“Yes, of course,” he said, fixing his piercing green eyes on her, “I will see you again Helga, after I have persuaded dear Rowena to our cause.” He gave her a curt nod before disappearing into the shadows of the library. Helga watched him go, happy that she had made a friend who she could trust with all her heart.
The moon was not there that night, but that didn’t deter Rachel. Nothing would. The days she had spent at Black Castle were the happiest of her life. Godric, Adrian and Salazar believed it was due to her love of Alba itself, but Rachel knew it wasn’t that. Although she loved the city, with its magical shops, its rolling fields and its magnificent architecture, nothing had enthralled her as much as he had.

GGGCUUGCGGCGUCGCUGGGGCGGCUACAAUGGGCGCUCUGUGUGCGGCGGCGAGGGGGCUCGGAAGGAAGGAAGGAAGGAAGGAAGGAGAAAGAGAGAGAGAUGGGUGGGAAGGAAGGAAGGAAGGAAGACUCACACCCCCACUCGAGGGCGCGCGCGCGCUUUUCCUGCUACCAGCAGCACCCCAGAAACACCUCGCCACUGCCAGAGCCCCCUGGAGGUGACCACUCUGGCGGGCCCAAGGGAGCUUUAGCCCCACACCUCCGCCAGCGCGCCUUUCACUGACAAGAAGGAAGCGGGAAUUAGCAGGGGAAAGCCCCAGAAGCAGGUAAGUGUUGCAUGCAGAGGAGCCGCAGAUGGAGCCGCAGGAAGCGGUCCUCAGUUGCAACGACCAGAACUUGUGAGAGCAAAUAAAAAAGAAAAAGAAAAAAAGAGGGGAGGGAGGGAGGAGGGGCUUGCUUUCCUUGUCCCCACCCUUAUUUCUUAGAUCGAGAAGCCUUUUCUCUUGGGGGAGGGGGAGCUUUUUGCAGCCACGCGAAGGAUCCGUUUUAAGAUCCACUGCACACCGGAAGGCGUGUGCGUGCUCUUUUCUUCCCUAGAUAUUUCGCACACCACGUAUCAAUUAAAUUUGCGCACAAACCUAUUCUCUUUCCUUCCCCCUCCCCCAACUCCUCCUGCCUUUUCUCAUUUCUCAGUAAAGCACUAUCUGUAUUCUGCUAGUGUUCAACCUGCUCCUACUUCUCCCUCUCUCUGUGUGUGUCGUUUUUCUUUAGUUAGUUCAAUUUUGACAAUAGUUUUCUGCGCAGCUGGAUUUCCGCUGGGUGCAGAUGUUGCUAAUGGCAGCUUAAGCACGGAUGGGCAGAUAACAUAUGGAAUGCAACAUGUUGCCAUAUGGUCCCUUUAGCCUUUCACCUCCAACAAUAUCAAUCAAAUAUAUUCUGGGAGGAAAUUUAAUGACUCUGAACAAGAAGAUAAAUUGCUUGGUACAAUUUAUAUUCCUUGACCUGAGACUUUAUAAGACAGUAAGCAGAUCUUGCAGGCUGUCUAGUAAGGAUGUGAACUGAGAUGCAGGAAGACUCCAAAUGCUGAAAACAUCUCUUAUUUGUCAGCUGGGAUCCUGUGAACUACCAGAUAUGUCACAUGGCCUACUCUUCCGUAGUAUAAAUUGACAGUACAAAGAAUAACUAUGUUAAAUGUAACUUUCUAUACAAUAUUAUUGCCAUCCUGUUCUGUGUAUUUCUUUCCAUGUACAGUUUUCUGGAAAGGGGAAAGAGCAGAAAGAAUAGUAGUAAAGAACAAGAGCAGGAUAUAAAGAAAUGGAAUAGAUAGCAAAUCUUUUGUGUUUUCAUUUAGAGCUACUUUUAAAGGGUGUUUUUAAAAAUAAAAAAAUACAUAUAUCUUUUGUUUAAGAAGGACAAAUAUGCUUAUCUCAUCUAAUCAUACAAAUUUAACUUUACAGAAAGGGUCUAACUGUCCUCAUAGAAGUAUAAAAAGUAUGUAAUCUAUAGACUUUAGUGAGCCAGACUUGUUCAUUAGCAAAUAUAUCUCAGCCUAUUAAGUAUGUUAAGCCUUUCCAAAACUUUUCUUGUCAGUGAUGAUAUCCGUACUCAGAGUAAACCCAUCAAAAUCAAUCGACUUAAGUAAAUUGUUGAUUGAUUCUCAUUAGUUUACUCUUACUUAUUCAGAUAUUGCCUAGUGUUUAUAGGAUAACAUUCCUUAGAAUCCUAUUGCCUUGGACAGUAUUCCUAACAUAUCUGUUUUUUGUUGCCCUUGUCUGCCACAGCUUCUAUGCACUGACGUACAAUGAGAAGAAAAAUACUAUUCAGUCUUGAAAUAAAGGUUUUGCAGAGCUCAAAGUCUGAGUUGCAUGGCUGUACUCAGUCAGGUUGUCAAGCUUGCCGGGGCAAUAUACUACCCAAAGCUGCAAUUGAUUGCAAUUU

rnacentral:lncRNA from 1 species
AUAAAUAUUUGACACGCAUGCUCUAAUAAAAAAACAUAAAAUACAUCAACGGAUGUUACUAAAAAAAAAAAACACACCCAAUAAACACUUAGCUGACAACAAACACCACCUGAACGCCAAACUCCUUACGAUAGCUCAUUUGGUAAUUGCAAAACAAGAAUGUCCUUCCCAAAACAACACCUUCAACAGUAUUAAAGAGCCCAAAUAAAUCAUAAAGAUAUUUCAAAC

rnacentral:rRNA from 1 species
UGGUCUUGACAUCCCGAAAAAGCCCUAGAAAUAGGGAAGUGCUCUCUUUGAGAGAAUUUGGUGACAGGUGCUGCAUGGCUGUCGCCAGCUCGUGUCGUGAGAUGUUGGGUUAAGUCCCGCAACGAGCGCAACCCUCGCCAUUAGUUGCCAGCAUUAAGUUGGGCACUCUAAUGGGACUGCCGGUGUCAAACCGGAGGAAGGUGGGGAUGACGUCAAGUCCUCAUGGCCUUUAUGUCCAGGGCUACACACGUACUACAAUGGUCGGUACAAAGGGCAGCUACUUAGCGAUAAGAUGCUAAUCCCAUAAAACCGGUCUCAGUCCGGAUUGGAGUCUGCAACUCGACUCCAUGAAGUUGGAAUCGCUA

And it had all happened so unexpectedly.
He had blundered into her life with all his surly angriness and his hidden thoughts. All her life she had known what she wanted from a man. She wanted him to be simple, attentive and loving, but Cadmus was absolutely none of those things. He was sulky and sarcastic, but this attitude made Rachel more intrigued.
That’s why every night she went down to visit him. Even at impossibly late hours he always seemed to be awake when his brothers were asleep, and this gave Rachel time to see him alone. Rachel thought that he was rather warming to her visits now.
Just as expected he stood in the paddock, in the process of leading a horse into the stable. Rachel recognised it. The horse was Midnight, Princess Rowena’s one, and Rachel thought that Cadmus spent his whole time devoted to that single horse as if he had a point to prove. He caught Rachel’s eye as she arrived at the gate, but didn’t move to open it for her, leaving Rachel to hop over the gate herself.